This guest contribution comes from Kevin Hartnett. Hartnett lives in Philadelphia with his fiance. After graduating from college in 2003, he joined Teach For America and taught sixth grade in the Bronx for two years. He enjoys politics and travel and writing about both.
Snow, Nobel laureate Orhan Pamuk’s 2004 novel, opens as Ka, a stranger come to town, steps off a bus into the first flurries of a gathering snowstorm. He has arrived in Kars, a remote border city in eastern Turkey and a place, like much of his native country, that is foreign to him. For the last eight years Ka has lived as an exiled poet in Hamburg, shifting anonymously between the public library and the cheap porn shops near his apartment. In Kars, his bourgeois Istanbul accent and department store coat mark him as an outsider.
The city appears muffled at first, its citizens dispirited by poverty and forced inside by the cold. Kars is a place of former glory, once a haunt of the Ottomans and the Russian tsars, now crumbling and forgotten as the rest of Turkey looks west to Europe. Ka, however, feels revitalized in Kars.
He has come ostensibly as a journalist, to report on an epidemic of suicides among the “headscarf girls,” a group of young women who killed themselves after a law prohibited women from participating in public life with their heads covered. It is soon evident, though, that Ka has little interest in the story, or politics generally. Even his exile was prompted simply by a case of mistaken identity, an apt fate for a man whose own apparent weightlessness would have caused him to suffer the misfortune with little objection.
Ka has not had sex in four years or written a poem in nearly that long and he feels the promise of a dual rebirth in Kars. His real reason for making the trip is Ipek, an acquaintance from high school whom he remembers only for her beauty. Ka takes a room at the Snow Palace Hotel where she lives, and wastes little time pressing his intentions. Ipek appears amenable, yet cautions that she could never make love while her father is under the same roof, and her father almost never leaves the hotel. Thus left to bide his time, Ka wanders the streets of Kars, finding creative inspiration in the rapidly falling snow, and learning, by chance encounter, about the political rifts and personal aspirations which rend Kars.
He is approached by boys from the local religious high school, who interrogate Ka about his belief in God. One of the boys, Mesut, asks him, “do you or don’t you believe that God Almighty created the universe and everything in it, even the snow that is falling from the sky?” Ka replies only that, “The snow reminds me of God.” It is the type of elision by which Snow frequently works. Characters, their views and their motivations are elusive and unknown, often even to themselves.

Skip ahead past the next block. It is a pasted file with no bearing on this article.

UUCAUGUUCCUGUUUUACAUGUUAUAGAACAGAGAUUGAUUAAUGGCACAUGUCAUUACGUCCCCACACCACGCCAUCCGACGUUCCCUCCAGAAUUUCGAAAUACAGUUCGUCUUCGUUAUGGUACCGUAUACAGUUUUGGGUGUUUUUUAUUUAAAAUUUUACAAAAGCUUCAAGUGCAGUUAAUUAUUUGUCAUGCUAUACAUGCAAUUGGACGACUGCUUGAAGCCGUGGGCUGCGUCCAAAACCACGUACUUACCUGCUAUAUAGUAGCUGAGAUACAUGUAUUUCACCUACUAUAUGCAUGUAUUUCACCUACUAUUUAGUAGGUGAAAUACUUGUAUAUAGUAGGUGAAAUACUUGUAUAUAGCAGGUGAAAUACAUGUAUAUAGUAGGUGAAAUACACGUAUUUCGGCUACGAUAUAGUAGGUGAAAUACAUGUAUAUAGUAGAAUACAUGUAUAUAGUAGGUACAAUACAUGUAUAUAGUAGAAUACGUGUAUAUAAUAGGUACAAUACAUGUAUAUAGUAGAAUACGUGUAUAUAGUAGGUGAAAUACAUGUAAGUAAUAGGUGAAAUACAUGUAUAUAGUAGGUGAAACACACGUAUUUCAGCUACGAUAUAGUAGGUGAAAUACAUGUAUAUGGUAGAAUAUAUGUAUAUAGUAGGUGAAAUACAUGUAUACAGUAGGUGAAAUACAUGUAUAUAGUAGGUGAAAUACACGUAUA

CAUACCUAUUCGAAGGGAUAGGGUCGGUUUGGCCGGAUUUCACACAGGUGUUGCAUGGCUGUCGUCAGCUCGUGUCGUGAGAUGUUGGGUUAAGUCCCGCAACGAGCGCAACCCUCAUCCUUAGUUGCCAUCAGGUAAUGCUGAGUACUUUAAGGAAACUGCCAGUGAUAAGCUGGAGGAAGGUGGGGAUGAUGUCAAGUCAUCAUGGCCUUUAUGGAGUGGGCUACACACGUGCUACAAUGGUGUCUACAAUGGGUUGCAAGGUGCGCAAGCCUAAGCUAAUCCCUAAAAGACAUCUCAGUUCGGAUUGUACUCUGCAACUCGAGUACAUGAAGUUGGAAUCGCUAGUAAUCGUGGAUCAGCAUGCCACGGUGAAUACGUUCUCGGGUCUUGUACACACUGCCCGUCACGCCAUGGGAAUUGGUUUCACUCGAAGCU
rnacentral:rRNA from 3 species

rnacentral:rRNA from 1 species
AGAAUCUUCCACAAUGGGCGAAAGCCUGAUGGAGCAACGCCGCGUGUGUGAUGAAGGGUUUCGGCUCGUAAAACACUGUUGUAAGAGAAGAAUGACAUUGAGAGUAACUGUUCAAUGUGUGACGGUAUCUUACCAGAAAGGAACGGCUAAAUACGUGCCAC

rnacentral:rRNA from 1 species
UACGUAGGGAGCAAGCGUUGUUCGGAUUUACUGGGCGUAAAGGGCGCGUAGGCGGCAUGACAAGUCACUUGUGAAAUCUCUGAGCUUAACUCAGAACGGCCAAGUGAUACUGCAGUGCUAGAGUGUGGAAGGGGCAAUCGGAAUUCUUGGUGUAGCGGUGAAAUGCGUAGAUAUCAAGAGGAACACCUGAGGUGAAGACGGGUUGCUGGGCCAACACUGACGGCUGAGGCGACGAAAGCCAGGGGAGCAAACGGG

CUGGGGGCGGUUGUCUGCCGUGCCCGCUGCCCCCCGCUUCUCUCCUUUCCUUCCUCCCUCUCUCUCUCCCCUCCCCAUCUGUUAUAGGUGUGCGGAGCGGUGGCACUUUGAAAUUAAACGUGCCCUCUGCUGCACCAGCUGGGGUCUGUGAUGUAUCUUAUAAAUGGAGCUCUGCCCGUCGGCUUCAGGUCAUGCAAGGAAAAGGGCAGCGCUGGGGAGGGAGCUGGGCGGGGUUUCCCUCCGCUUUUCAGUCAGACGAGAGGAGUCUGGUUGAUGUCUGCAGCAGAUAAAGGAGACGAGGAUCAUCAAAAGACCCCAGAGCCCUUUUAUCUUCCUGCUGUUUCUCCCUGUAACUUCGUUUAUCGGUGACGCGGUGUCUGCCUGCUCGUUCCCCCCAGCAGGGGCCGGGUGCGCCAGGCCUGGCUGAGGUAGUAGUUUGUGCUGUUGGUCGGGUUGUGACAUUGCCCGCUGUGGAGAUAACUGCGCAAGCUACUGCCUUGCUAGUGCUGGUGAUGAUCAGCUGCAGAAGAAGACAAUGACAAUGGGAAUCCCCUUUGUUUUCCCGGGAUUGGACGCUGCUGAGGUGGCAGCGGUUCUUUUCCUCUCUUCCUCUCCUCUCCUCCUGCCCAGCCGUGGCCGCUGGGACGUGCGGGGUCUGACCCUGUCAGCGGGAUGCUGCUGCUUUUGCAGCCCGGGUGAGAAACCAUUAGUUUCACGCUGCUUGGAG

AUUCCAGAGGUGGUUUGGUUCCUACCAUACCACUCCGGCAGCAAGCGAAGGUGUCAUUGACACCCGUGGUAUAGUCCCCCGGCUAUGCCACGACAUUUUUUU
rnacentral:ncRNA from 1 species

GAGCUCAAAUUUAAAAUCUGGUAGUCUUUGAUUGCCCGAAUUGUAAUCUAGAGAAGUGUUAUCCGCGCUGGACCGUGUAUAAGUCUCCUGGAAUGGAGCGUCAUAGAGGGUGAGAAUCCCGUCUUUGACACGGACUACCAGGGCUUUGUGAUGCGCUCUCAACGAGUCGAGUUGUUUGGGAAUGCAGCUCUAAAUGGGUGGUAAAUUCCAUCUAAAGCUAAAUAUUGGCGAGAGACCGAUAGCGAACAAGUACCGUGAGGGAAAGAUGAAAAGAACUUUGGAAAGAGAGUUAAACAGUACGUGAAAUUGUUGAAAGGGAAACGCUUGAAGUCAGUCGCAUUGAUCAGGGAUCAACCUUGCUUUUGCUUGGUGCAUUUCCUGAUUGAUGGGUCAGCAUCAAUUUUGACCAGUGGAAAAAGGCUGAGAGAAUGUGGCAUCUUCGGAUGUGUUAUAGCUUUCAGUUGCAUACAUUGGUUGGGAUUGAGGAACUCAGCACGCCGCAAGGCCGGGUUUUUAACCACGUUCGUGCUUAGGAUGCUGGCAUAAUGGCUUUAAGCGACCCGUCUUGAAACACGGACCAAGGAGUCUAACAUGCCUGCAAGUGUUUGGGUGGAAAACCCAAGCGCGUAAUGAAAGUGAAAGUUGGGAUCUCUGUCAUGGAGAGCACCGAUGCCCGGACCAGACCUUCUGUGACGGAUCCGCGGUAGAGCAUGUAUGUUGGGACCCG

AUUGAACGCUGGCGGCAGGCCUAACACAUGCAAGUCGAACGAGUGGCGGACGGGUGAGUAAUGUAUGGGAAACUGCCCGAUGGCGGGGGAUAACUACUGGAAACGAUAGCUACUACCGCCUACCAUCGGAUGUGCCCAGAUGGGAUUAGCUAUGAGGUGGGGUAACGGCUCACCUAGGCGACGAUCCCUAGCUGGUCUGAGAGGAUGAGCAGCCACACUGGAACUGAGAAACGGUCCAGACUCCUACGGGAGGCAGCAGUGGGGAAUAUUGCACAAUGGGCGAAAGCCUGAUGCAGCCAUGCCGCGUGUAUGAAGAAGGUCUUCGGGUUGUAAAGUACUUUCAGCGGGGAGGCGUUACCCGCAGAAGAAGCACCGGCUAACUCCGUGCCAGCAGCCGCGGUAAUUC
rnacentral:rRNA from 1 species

The boys’ interest in Ka turns out to be more than mere curiosity or defiance. Fazil, a particularly earnest boy, was in love with Teslime, a headscarf girl who committed suicide. He says to Ka, “We could not believe that a Muslim girl ready to sacrifice everything for her faith could be capable of suicide” (which is forbidden by the Koran). Fazil fears that Teslime’s suicide reveals her to have been an atheist, and even worse, he has begun to worry that it marks him by association. He seeks Ka’s reassurance. “‘Are you an atheist” asked Fazil with imploring eyes. ‘If you are an atheist, do you want to kill yourself?'”
Pamuk began writing Snow before 9/11 and the book presages the lines of conflict which have erupted since. The religious boys are poor, provincial, and wary of “The West,” for mocking their faith. Their counterpoint is Sunay Zaim, an effete, secular actor, whose traveling theater troupe comes to Kars to perform an intentionally provocative version of the Turkish play “My Country or My Headscarf.” Zaim uses the performance to launch a coup when, mid-scene, prop guns turn out to have been loaded with real bullets.
Ka’s confused beliefs about God and his mixed identity, as a Turk, an exile, and an outsider in Kars (an accurate description of Pamuk as well), inspire leaders on both sides of the coup to promote their cause to him. Ka is secreted to a meeting with Blue, a charismatic Islamist leader and possible terrorist, who is repulsed by Ka’s mealy convictions, but nevertheless wants his help getting a statement out to Western newspapers. Zaim likewise beckons Ka, hoping that he could secure the participation of Ipek’s sister Kadife, an outspoken headscarf girl, in the dramatic final act of the coup.
For his part, Ka would rather simply pursue the affections of Ipek and the reinvigorated direction of his muse. He admits to feeling “so ashamed of his wish for happiness” yet after years of austere loneliness abroad that is all he wants. Such pretensions to happiness are not well accommodated in Kars, however. The falling snow evokes God to Ka and inspires an eponymous poem, but it also has a more practical role in the story. It abets the coup by blocking the roads into the city.
Snow is haunted by the specter of religious suicide and rife with the political strife that defines our time. Pamuk handles both thoughtfully and subtly, but his final concern is happiness, and whether such a thing is possible in a world where ideological pressure and cultural change confuse an individual looking for his own path towards belief. If Ka is an emblematic figure, than our prospects seem dim, though Pamuk does offer the possibility of redemption in the story itself, well told and beautifully written as it is.